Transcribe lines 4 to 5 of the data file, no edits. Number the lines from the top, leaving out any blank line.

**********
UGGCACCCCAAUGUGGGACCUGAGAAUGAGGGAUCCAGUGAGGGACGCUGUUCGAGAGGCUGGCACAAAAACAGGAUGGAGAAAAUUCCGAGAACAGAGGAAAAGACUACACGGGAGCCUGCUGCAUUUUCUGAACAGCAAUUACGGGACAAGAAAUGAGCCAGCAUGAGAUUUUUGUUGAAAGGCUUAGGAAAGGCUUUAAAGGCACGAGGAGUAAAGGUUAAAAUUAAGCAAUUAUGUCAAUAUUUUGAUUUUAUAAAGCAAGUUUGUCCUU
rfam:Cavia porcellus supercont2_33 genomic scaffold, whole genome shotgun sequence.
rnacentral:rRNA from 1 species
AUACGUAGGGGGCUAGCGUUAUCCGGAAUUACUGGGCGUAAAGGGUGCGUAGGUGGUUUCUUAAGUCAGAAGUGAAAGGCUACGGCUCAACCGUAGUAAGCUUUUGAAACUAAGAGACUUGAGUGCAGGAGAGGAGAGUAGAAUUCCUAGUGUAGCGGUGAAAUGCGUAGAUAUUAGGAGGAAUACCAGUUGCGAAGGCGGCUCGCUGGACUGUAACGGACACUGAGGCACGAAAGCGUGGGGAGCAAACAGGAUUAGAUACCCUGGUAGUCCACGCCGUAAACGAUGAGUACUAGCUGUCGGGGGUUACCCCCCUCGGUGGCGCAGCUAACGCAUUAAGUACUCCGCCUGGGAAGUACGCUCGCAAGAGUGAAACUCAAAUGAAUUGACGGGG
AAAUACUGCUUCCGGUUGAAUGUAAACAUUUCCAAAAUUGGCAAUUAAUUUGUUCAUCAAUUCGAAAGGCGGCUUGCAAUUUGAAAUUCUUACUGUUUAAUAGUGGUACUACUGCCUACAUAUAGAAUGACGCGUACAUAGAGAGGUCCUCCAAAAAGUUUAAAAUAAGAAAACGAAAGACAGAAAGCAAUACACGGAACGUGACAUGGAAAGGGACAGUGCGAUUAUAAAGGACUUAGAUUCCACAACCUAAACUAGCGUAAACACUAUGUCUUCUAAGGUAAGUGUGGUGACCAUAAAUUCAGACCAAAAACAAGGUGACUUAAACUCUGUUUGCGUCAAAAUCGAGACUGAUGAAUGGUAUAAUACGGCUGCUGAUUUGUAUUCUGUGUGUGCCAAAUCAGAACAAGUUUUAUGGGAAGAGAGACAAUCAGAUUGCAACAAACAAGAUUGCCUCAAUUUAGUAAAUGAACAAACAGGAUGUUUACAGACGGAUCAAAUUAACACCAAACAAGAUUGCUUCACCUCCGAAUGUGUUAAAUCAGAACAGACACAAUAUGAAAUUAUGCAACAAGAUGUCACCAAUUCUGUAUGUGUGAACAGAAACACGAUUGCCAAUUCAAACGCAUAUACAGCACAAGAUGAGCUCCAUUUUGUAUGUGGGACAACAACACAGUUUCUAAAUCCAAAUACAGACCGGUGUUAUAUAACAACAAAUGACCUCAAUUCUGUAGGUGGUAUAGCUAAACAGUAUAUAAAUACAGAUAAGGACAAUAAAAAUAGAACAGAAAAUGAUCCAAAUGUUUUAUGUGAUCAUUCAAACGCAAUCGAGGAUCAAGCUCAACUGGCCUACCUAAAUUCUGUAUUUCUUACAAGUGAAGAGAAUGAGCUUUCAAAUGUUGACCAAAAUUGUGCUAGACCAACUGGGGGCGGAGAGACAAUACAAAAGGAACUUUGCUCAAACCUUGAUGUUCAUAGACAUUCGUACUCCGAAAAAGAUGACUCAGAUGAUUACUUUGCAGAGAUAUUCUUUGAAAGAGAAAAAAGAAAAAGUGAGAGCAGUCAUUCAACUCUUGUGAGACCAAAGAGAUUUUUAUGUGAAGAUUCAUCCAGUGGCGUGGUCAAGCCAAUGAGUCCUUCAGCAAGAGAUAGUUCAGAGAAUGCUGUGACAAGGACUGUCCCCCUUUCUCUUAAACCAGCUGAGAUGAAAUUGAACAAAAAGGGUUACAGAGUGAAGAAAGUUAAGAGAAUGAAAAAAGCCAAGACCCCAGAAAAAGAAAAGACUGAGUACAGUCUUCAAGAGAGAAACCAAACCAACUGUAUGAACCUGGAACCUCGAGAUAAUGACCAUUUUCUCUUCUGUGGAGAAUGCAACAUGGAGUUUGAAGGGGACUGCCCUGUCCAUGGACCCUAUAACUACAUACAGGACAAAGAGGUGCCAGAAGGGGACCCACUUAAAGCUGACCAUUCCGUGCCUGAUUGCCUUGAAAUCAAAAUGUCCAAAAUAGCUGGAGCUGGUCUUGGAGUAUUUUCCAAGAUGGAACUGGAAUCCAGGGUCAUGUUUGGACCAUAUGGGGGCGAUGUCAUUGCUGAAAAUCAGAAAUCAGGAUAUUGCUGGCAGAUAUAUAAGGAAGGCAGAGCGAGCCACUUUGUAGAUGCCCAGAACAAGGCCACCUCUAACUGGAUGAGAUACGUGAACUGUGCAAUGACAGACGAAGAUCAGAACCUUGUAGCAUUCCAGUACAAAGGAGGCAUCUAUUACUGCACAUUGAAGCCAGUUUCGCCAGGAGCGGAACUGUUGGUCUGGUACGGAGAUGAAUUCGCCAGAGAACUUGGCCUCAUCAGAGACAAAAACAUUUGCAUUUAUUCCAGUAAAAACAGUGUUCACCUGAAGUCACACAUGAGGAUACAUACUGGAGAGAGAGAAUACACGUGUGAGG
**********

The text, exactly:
AUACGUAGGGGGCUAGCGUUAUCCGGAAUUACUGGGCGUAAAGGGUGCGUAGGUGGUUUCUUAAGUCAGAAGUGAAAGGCUACGGCUCAACCGUAGUAAGCUUUUGAAACUAAGAGACUUGAGUGCAGGAGAGGAGAGUAGAAUUCCUAGUGUAGCGGUGAAAUGCGUAGAUAUUAGGAGGAAUACCAGUUGCGAAGGCGGCUCGCUGGACUGUAACGGACACUGAGGCACGAAAGCGUGGGGAGCAAACAGGAUUAGAUACCCUGGUAGUCCACGCCGUAAACGAUGAGUACUAGCUGUCGGGGGUUACCCCCCUCGGUGGCGCAGCUAACGCAUUAAGUACUCCGCCUGGGAAGUACGCUCGCAAGAGUGAAACUCAAAUGAAUUGACGGGG
AAAUACUGCUUCCGGUUGAAUGUAAACAUUUCCAAAAUUGGCAAUUAAUUUGUUCAUCAAUUCGAAAGGCGGCUUGCAAUUUGAAAUUCUUACUGUUUAAUAGUGGUACUACUGCCUACAUAUAGAAUGACGCGUACAUAGAGAGGUCCUCCAAAAAGUUUAAAAUAAGAAAACGAAAGACAGAAAGCAAUACACGGAACGUGACAUGGAAAGGGACAGUGCGAUUAUAAAGGACUUAGAUUCCACAACCUAAACUAGCGUAAACACUAUGUCUUCUAAGGUAAGUGUGGUGACCAUAAAUUCAGACCAAAAACAAGGUGACUUAAACUCUGUUUGCGUCAAAAUCGAGACUGAUGAAUGGUAUAAUACGGCUGCUGAUUUGUAUUCUGUGUGUGCCAAAUCAGAACAAGUUUUAUGGGAAGAGAGACAAUCAGAUUGCAACAAACAAGAUUGCCUCAAUUUAGUAAAUGAACAAACAGGAUGUUUACAGACGGAUCAAAUUAACACCAAACAAGAUUGCUUCACCUCCGAAUGUGUUAAAUCAGAACAGACACAAUAUGAAAUUAUGCAACAAGAUGUCACCAAUUCUGUAUGUGUGAACAGAAACACGAUUGCCAAUUCAAACGCAUAUACAGCACAAGAUGAGCUCCAUUUUGUAUGUGGGACAACAACACAGUUUCUAAAUCCAAAUACAGACCGGUGUUAUAUAACAACAAAUGACCUCAAUUCUGUAGGUGGUAUAGCUAAACAGUAUAUAAAUACAGAUAAGGACAAUAAAAAUAGAACAGAAAAUGAUCCAAAUGUUUUAUGUGAUCAUUCAAACGCAAUCGAGGAUCAAGCUCAACUGGCCUACCUAAAUUCUGUAUUUCUUACAAGUGAAGAGAAUGAGCUUUCAAAUGUUGACCAAAAUUGUGCUAGACCAACUGGGGGCGGAGAGACAAUACAAAAGGAACUUUGCUCAAACCUUGAUGUUCAUAGACAUUCGUACUCCGAAAAAGAUGACUCAGAUGAUUACUUUGCAGAGAUAUUCUUUGAAAGAGAAAAAAGAAAAAGUGAGAGCAGUCAUUCAACUCUUGUGAGACCAAAGAGAUUUUUAUGUGAAGAUUCAUCCAGUGGCGUGGUCAAGCCAAUGAGUCCUUCAGCAAGAGAUAGUUCAGAGAAUGCUGUGACAAGGACUGUCCCCCUUUCUCUUAAACCAGCUGAGAUGAAAUUGAACAAAAAGGGUUACAGAGUGAAGAAAGUUAAGAGAAUGAAAAAAGCCAAGACCCCAGAAAAAGAAAAGACUGAGUACAGUCUUCAAGAGAGAAACCAAACCAACUGUAUGAACCUGGAACCUCGAGAUAAUGACCAUUUUCUCUUCUGUGGAGAAUGCAACAUGGAGUUUGAAGGGGACUGCCCUGUCCAUGGACCCUAUAACUACAUACAGGACAAAGAGGUGCCAGAAGGGGACCCACUUAAAGCUGACCAUUCCGUGCCUGAUUGCCUUGAAAUCAAAAUGUCCAAAAUAGCUGGAGCUGGUCUUGGAGUAUUUUCCAAGAUGGAACUGGAAUCCAGGGUCAUGUUUGGACCAUAUGGGGGCGAUGUCAUUGCUGAAAAUCAGAAAUCAGGAUAUUGCUGGCAGAUAUAUAAGGAAGGCAGAGCGAGCCACUUUGUAGAUGCCCAGAACAAGGCCACCUCUAACUGGAUGAGAUACGUGAACUGUGCAAUGACAGACGAAGAUCAGAACCUUGUAGCAUUCCAGUACAAAGGAGGCAUCUAUUACUGCACAUUGAAGCCAGUUUCGCCAGGAGCGGAACUGUUGGUCUGGUACGGAGAUGAAUUCGCCAGAGAACUUGGCCUCAUCAGAGACAAAAACAUUUGCAUUUAUUCCAGUAAAAACAGUGUUCACCUGAAGUCACACAUGAGGAUACAUACUGGAGAGAGAGAAUACACGUGUGAGG